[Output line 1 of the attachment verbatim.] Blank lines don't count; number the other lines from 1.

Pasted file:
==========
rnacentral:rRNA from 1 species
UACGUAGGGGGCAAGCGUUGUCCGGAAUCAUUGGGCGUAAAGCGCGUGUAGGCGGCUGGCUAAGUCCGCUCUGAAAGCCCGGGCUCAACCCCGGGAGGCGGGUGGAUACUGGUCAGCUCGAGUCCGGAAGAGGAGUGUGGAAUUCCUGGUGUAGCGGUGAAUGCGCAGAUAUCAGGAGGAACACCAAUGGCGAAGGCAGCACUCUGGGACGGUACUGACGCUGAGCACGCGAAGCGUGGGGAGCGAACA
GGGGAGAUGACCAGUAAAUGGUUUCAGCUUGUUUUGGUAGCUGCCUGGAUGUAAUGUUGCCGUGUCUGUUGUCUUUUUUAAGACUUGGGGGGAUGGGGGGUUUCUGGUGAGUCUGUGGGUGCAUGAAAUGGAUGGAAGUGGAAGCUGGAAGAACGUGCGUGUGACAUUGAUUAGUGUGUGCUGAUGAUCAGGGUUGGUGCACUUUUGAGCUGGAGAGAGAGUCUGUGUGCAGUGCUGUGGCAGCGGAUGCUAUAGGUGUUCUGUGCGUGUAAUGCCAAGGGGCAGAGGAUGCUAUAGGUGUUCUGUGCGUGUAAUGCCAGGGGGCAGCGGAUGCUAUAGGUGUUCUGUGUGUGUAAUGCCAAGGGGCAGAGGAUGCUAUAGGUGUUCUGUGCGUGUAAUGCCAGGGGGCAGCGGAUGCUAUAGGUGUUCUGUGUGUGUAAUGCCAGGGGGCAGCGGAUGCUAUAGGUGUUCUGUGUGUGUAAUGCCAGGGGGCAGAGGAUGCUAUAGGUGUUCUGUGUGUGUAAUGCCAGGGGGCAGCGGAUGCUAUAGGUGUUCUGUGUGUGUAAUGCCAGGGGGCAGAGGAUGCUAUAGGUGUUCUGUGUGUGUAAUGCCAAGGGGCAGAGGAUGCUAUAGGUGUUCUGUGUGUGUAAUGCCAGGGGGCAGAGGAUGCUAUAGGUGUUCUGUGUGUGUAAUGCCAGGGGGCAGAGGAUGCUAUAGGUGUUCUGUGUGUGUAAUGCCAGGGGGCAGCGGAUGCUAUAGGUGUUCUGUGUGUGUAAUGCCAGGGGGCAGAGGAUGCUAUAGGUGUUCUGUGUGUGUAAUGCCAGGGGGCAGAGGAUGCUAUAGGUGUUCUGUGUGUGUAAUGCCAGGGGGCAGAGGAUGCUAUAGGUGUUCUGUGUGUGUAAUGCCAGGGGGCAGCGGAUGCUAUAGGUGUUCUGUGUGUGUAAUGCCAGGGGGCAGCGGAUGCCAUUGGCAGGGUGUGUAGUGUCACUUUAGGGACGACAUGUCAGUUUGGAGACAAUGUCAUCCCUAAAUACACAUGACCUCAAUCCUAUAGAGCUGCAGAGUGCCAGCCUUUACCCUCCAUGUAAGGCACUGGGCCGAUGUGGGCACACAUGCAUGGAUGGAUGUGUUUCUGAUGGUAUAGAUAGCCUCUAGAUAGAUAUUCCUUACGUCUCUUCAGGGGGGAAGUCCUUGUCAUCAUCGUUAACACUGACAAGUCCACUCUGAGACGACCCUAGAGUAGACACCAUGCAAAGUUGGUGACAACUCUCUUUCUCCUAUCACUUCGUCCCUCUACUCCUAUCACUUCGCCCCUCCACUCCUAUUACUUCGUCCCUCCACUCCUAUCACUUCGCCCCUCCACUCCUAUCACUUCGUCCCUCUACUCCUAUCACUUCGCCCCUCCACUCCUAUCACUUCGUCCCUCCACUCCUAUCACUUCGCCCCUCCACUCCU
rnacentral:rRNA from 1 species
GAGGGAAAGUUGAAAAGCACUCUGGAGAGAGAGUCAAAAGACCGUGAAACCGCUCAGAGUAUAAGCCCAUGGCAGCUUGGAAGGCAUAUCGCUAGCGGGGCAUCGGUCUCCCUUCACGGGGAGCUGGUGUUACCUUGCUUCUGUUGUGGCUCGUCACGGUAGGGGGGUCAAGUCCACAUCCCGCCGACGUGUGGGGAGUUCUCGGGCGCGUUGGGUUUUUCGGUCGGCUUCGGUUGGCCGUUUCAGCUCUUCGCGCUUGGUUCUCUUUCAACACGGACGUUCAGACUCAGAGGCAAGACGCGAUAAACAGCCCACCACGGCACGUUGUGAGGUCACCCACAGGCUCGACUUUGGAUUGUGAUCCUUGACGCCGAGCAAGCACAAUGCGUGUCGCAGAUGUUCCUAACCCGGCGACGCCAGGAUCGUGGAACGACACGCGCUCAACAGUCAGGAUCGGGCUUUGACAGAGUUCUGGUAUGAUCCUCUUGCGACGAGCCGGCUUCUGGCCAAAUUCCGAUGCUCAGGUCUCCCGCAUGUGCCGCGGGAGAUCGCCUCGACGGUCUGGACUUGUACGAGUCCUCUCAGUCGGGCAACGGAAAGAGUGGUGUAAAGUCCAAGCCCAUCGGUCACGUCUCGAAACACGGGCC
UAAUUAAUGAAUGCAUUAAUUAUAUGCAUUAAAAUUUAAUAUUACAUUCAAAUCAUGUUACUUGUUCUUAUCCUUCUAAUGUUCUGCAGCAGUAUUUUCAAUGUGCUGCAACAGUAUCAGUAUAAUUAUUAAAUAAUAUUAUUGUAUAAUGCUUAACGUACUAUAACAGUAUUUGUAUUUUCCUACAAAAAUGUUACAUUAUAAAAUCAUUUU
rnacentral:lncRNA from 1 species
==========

rnacentral:rRNA from 1 species